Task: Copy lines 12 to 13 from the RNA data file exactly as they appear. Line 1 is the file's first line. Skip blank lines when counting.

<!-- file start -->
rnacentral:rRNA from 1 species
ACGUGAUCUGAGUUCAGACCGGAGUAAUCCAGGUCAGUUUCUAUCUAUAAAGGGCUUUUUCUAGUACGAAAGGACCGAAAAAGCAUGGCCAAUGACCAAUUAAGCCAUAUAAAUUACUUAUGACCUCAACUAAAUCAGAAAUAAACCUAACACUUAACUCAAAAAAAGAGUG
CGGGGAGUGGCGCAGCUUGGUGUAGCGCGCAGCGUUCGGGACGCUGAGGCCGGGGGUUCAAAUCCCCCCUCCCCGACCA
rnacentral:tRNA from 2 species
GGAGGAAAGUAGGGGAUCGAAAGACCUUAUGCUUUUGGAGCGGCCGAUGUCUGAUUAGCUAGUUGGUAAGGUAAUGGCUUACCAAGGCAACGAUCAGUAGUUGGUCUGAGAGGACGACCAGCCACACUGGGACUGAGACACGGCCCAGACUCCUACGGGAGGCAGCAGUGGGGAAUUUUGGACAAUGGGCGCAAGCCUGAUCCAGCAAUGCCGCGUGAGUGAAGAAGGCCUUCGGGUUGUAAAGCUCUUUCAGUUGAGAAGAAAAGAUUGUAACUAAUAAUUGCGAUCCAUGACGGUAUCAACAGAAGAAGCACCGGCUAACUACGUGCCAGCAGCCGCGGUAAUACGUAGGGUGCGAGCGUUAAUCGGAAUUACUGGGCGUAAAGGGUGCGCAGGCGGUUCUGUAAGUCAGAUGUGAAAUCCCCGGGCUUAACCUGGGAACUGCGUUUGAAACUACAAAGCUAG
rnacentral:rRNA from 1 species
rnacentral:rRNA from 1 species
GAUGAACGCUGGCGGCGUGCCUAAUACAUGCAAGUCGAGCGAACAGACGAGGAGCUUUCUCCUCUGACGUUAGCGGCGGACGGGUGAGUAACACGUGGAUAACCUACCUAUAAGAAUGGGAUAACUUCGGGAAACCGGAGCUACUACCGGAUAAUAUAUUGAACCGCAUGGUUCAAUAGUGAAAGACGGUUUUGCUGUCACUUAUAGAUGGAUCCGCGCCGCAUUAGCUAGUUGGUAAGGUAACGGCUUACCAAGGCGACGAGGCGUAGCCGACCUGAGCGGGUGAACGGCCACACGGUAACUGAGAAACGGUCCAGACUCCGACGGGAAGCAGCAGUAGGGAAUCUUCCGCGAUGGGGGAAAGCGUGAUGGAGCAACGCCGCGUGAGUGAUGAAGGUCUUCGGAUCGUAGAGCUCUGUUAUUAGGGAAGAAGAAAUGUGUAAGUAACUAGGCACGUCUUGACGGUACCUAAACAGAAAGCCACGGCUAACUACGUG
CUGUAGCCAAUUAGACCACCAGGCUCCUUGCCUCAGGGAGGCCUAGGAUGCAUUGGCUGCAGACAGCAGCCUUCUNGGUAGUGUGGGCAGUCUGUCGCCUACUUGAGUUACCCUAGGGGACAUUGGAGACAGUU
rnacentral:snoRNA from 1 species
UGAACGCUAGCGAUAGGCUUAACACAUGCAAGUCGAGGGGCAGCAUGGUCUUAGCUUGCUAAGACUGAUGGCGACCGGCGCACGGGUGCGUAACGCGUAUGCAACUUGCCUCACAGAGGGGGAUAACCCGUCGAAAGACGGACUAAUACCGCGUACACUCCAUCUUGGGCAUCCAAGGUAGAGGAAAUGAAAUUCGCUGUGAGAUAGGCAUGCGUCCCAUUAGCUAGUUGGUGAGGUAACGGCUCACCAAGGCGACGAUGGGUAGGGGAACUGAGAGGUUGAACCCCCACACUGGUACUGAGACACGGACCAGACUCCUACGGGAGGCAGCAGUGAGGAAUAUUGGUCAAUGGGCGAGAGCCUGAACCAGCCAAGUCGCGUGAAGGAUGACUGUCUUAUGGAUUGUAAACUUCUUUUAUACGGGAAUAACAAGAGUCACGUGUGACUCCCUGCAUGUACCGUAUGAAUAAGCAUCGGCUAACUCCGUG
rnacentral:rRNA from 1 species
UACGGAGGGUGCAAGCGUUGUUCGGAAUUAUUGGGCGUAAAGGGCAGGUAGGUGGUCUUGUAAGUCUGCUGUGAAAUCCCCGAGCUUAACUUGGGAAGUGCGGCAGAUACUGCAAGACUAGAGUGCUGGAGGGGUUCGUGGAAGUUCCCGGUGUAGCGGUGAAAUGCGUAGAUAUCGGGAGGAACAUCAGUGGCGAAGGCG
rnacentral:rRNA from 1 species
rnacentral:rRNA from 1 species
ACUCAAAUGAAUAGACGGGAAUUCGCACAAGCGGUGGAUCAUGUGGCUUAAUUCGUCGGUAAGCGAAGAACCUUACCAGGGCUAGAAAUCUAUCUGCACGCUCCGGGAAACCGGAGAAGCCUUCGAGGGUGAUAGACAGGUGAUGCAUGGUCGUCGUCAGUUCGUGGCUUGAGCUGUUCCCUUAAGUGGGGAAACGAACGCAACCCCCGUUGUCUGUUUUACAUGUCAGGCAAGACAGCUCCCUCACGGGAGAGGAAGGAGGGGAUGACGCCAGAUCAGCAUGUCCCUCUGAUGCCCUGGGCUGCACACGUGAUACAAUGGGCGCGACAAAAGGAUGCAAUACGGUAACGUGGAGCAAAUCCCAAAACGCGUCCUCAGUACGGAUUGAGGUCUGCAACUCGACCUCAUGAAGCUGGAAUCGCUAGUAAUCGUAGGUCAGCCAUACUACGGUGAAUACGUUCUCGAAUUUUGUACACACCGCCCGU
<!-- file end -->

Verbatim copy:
rnacentral:rRNA from 1 species
UACGGAGGGUGCAAGCGUUGUUCGGAAUUAUUGGGCGUAAAGGGCAGGUAGGUGGUCUUGUAAGUCUGCUGUGAAAUCCCCGAGCUUAACUUGGGAAGUGCGGCAGAUACUGCAAGACUAGAGUGCUGGAGGGGUUCGUGGAAGUUCCCGGUGUAGCGGUGAAAUGCGUAGAUAUCGGGAGGAACAUCAGUGGCGAAGGCG